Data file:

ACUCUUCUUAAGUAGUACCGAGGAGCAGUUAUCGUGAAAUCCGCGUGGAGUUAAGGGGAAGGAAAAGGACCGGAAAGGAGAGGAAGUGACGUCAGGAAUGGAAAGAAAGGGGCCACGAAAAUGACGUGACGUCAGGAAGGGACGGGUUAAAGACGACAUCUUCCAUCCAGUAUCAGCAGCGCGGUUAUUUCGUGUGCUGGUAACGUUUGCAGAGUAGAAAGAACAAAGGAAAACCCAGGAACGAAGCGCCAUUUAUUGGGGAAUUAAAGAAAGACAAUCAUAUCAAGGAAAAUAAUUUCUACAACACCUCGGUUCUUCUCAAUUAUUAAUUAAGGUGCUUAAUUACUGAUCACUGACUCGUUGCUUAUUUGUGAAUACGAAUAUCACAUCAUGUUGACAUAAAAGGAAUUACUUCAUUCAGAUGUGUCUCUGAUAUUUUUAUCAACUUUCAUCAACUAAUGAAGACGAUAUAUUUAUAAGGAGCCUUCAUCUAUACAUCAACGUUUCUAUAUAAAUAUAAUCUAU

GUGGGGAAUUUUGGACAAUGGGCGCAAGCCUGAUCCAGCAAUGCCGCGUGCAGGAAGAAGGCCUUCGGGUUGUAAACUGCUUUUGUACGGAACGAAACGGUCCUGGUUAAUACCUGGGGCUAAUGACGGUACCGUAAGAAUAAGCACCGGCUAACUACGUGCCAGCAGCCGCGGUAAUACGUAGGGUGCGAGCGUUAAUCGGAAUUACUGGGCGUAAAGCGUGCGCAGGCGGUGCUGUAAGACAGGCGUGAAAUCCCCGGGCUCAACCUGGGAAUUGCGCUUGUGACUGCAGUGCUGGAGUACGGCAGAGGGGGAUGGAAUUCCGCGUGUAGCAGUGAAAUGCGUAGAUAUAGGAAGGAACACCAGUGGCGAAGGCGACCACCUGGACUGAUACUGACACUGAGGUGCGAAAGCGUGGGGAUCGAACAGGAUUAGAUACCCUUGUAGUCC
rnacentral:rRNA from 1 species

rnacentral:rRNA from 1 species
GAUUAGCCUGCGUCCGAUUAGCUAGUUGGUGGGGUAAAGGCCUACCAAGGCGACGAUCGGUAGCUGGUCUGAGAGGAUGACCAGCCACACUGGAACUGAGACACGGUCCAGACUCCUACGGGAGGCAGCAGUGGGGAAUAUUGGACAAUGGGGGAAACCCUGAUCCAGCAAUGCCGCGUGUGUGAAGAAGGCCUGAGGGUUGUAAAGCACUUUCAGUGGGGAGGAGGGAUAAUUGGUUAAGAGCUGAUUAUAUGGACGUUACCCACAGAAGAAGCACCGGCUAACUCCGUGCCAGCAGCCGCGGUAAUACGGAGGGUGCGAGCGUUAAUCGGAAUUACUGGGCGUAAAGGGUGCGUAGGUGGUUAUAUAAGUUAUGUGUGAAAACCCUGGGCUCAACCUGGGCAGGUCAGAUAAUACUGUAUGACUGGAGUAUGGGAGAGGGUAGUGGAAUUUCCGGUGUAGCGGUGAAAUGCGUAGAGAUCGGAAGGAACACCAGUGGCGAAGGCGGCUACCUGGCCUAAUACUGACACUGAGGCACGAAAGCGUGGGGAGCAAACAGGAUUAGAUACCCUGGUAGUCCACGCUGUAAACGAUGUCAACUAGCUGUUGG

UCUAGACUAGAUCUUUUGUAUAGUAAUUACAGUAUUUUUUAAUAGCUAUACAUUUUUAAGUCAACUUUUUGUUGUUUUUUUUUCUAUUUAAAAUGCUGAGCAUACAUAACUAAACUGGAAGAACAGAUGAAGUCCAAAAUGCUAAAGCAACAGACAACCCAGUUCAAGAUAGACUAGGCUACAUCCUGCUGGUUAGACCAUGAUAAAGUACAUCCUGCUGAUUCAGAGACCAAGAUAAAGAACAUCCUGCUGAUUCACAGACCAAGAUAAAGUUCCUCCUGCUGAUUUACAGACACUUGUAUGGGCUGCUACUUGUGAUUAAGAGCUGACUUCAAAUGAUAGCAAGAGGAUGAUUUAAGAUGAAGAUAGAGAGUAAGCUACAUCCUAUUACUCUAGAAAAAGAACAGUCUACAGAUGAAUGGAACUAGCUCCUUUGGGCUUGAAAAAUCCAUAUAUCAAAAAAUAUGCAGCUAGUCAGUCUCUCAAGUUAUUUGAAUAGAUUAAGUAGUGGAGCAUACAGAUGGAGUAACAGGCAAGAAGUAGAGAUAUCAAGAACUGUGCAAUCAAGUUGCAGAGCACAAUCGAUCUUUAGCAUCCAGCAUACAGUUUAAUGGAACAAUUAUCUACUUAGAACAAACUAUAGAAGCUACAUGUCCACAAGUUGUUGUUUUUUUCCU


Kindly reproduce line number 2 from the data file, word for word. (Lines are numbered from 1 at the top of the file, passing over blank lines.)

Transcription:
GUGGGGAAUUUUGGACAAUGGGCGCAAGCCUGAUCCAGCAAUGCCGCGUGCAGGAAGAAGGCCUUCGGGUUGUAAACUGCUUUUGUACGGAACGAAACGGUCCUGGUUAAUACCUGGGGCUAAUGACGGUACCGUAAGAAUAAGCACCGGCUAACUACGUGCCAGCAGCCGCGGUAAUACGUAGGGUGCGAGCGUUAAUCGGAAUUACUGGGCGUAAAGCGUGCGCAGGCGGUGCUGUAAGACAGGCGUGAAAUCCCCGGGCUCAACCUGGGAAUUGCGCUUGUGACUGCAGUGCUGGAGUACGGCAGAGGGGGAUGGAAUUCCGCGUGUAGCAGUGAAAUGCGUAGAUAUAGGAAGGAACACCAGUGGCGAAGGCGACCACCUGGACUGAUACUGACACUGAGGUGCGAAAGCGUGGGGAUCGAACAGGAUUAGAUACCCUUGUAGUCC